1. Daniel von Asmuth

                    Re: It's about time

                    The Netscape browser can trace its ancestry back to Mosaic as well. Gecko was the renderer in the Netscape 5.0 browser, and later in Mozilla. That suggests that the rest of the old Netscape browser was still in use, so there just may be some Mosaic code left in FIrefox.....

                    ...but when will tthe FIrefox developers have time to fix the decade-or-more old bugs?

                    1. J27 Silver badge

                      Re: It's about time

                      Netscape 6 was the first to use gecko, which was a total re-write. Mozilla didn't even get the old Netscape code, just the newer gecko-based code when Netscape open sourced it. Old Netscape ended at the 4.X series and 5 was cancelled.

                3. rg287 Silver badge
                  Headmaster

                  Re: It's about time

                  Nope. Different rendering engines. The Chromium clones all use Webkit, as does Safari. Firefox is (currently, on my machine using ESR) Gecko, which can trace its ancestry back to Navigator and is really the daddy of them all.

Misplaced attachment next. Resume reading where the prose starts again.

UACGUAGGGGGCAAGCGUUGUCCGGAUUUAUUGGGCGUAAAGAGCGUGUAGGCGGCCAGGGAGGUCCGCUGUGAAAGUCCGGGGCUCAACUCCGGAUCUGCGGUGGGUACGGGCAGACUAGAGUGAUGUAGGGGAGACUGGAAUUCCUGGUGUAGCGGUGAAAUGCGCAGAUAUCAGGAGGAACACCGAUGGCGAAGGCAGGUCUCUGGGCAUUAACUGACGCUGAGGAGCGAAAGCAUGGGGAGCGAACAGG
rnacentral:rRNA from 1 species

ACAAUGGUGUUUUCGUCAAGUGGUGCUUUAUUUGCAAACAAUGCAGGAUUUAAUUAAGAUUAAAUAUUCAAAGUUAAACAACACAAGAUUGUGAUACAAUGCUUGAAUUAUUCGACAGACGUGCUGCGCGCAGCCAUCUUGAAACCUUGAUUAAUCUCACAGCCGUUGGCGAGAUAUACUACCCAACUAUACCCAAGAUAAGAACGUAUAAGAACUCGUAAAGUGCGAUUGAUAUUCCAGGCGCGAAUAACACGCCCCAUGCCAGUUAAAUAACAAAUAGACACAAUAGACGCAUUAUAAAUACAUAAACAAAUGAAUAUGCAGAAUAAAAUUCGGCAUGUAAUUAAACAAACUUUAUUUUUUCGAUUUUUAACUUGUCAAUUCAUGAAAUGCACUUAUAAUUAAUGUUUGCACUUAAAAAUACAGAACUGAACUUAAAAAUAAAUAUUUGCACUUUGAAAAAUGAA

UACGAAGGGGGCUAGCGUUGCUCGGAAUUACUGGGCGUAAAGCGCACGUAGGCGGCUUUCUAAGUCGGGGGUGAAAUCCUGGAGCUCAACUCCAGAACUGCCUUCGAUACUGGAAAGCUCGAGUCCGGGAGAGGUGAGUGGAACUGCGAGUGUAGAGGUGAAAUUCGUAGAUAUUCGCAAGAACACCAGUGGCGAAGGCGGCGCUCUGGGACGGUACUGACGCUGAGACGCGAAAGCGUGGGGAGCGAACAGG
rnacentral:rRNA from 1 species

Only Safari uses actual Webkit. Chromium projects use Blink, which is a (now heavily diverged) fork of Webkit - specifically WebCore, because they use their own V8 JS engine instead of JavaScriptCore.

                  Yes, there's shared DNA but they're quite separate now.

                  Webkit's WebCore and JavascriptCore were themselves forked from KHTML and KJS.

              2. Peter2 Silver badge

                Re: It's about time

                Apart from a superficial layer, there's not exactly much choice though, is there?

                There are now 4 major browser engines available and people create lists of the top ten decent web browsers.

                If you remember being stuck with IE6 or IE6 (with a shut down development team, because Microsoft put Netscape out of business so they didn't have any credible competition) then that's a big improvement.

                1. Updraft102